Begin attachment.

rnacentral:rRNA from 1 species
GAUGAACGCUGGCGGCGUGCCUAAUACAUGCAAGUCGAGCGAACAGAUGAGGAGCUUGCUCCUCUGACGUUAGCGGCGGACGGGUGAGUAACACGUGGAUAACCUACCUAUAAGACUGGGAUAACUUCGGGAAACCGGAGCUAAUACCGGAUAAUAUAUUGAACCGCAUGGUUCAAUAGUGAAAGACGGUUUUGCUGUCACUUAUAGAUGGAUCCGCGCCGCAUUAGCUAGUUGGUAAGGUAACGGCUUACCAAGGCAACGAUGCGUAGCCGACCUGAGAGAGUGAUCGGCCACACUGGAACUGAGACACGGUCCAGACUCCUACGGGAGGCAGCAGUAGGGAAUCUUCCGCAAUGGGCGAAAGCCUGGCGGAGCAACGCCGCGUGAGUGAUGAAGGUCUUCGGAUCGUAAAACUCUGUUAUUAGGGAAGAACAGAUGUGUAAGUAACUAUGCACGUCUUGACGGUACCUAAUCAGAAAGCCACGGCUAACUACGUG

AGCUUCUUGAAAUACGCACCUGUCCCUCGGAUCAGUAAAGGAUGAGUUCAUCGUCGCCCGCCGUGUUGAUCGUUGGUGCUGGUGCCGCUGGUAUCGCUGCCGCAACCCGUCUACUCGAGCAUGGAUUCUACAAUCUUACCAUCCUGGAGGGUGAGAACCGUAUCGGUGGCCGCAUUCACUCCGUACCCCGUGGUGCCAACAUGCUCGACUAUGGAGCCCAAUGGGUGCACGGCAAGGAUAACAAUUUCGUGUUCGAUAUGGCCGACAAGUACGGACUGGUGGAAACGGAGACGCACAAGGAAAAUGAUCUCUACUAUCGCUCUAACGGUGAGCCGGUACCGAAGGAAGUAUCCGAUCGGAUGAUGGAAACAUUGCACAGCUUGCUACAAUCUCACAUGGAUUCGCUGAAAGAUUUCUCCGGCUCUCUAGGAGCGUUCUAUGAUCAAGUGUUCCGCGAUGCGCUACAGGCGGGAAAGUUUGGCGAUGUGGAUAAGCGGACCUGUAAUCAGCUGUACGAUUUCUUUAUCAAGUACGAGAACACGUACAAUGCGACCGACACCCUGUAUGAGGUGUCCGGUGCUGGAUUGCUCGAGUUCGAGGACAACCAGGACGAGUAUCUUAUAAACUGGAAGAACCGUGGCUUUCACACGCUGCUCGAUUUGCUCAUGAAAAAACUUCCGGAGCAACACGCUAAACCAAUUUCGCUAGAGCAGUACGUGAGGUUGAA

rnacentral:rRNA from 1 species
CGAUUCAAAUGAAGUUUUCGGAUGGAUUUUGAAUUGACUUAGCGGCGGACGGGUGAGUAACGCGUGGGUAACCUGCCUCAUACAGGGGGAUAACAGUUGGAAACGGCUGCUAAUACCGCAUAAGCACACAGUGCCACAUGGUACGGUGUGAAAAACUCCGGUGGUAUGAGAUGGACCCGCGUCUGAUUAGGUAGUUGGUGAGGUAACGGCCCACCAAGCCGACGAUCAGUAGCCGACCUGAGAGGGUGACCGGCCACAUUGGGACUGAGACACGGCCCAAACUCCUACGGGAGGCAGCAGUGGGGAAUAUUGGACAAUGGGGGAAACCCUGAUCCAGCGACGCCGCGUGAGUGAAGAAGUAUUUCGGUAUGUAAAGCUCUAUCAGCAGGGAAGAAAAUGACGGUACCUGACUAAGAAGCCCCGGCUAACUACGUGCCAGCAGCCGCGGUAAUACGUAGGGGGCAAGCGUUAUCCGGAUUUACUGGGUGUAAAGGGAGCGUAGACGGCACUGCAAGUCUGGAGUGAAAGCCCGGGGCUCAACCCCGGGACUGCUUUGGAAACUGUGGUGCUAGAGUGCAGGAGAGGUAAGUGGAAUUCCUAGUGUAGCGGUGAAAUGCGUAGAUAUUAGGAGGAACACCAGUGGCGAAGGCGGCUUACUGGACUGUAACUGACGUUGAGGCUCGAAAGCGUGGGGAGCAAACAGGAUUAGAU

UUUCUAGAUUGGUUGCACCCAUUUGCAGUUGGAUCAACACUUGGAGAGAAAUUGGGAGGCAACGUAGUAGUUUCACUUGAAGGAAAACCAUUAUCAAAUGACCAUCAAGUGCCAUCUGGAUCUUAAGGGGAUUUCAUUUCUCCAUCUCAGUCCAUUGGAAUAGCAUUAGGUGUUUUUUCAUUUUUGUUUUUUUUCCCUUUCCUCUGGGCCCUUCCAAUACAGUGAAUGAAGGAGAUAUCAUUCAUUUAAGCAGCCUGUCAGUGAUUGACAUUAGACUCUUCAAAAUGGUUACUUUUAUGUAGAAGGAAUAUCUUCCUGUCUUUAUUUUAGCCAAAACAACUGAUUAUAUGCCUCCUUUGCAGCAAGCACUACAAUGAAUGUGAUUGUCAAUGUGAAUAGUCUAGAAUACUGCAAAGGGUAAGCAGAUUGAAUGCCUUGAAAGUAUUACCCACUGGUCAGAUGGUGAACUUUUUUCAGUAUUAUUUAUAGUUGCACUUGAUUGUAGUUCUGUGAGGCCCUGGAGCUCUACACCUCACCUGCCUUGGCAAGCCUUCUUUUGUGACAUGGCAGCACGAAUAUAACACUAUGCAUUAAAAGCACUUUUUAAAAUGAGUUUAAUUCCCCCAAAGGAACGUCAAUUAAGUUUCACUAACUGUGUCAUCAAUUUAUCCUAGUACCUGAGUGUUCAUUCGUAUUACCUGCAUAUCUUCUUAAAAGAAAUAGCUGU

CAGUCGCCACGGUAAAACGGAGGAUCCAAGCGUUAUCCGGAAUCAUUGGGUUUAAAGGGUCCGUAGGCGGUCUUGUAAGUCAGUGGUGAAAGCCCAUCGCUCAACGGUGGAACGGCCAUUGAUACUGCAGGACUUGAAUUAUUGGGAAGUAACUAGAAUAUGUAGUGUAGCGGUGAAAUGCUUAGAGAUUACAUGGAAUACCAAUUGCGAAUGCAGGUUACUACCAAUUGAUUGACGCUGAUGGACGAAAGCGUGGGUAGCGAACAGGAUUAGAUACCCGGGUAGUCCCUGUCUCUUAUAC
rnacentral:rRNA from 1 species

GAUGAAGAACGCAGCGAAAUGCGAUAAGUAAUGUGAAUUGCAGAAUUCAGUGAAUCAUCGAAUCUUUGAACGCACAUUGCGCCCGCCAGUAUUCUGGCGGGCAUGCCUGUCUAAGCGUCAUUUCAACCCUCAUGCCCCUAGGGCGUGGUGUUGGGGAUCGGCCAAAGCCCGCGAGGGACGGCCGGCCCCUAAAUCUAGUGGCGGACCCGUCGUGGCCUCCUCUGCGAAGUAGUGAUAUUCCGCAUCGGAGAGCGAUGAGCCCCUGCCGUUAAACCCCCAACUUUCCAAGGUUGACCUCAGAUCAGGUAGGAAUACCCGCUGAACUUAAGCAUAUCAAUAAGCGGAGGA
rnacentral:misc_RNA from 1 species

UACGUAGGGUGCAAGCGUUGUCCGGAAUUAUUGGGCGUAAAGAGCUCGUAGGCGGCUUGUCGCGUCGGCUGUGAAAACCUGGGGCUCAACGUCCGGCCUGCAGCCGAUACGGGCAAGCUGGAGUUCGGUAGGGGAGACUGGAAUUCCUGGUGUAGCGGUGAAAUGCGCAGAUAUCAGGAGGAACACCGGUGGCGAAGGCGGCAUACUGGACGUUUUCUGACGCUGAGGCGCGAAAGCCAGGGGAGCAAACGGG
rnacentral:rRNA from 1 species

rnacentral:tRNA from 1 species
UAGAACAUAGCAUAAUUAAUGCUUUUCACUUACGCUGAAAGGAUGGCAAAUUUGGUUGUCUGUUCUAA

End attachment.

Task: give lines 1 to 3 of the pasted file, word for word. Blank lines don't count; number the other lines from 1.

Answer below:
rnacentral:rRNA from 1 species
GAUGAACGCUGGCGGCGUGCCUAAUACAUGCAAGUCGAGCGAACAGAUGAGGAGCUUGCUCCUCUGACGUUAGCGGCGGACGGGUGAGUAACACGUGGAUAACCUACCUAUAAGACUGGGAUAACUUCGGGAAACCGGAGCUAAUACCGGAUAAUAUAUUGAACCGCAUGGUUCAAUAGUGAAAGACGGUUUUGCUGUCACUUAUAGAUGGAUCCGCGCCGCAUUAGCUAGUUGGUAAGGUAACGGCUUACCAAGGCAACGAUGCGUAGCCGACCUGAGAGAGUGAUCGGCCACACUGGAACUGAGACACGGUCCAGACUCCUACGGGAGGCAGCAGUAGGGAAUCUUCCGCAAUGGGCGAAAGCCUGGCGGAGCAACGCCGCGUGAGUGAUGAAGGUCUUCGGAUCGUAAAACUCUGUUAUUAGGGAAGAACAGAUGUGUAAGUAACUAUGCACGUCUUGACGGUACCUAAUCAGAAAGCCACGGCUAACUACGUG

AGCUUCUUGAAAUACGCACCUGUCCCUCGGAUCAGUAAAGGAUGAGUUCAUCGUCGCCCGCCGUGUUGAUCGUUGGUGCUGGUGCCGCUGGUAUCGCUGCCGCAACCCGUCUACUCGAGCAUGGAUUCUACAAUCUUACCAUCCUGGAGGGUGAGAACCGUAUCGGUGGCCGCAUUCACUCCGUACCCCGUGGUGCCAACAUGCUCGACUAUGGAGCCCAAUGGGUGCACGGCAAGGAUAACAAUUUCGUGUUCGAUAUGGCCGACAAGUACGGACUGGUGGAAACGGAGACGCACAAGGAAAAUGAUCUCUACUAUCGCUCUAACGGUGAGCCGGUACCGAAGGAAGUAUCCGAUCGGAUGAUGGAAACAUUGCACAGCUUGCUACAAUCUCACAUGGAUUCGCUGAAAGAUUUCUCCGGCUCUCUAGGAGCGUUCUAUGAUCAAGUGUUCCGCGAUGCGCUACAGGCGGGAAAGUUUGGCGAUGUGGAUAAGCGGACCUGUAAUCAGCUGUACGAUUUCUUUAUCAAGUACGAGAACACGUACAAUGCGACCGACACCCUGUAUGAGGUGUCCGGUGCUGGAUUGCUCGAGUUCGAGGACAACCAGGACGAGUAUCUUAUAAACUGGAAGAACCGUGGCUUUCACACGCUGCUCGAUUUGCUCAUGAAAAAACUUCCGGAGCAACACGCUAAACCAAUUUCGCUAGAGCAGUACGUGAGGUUGAA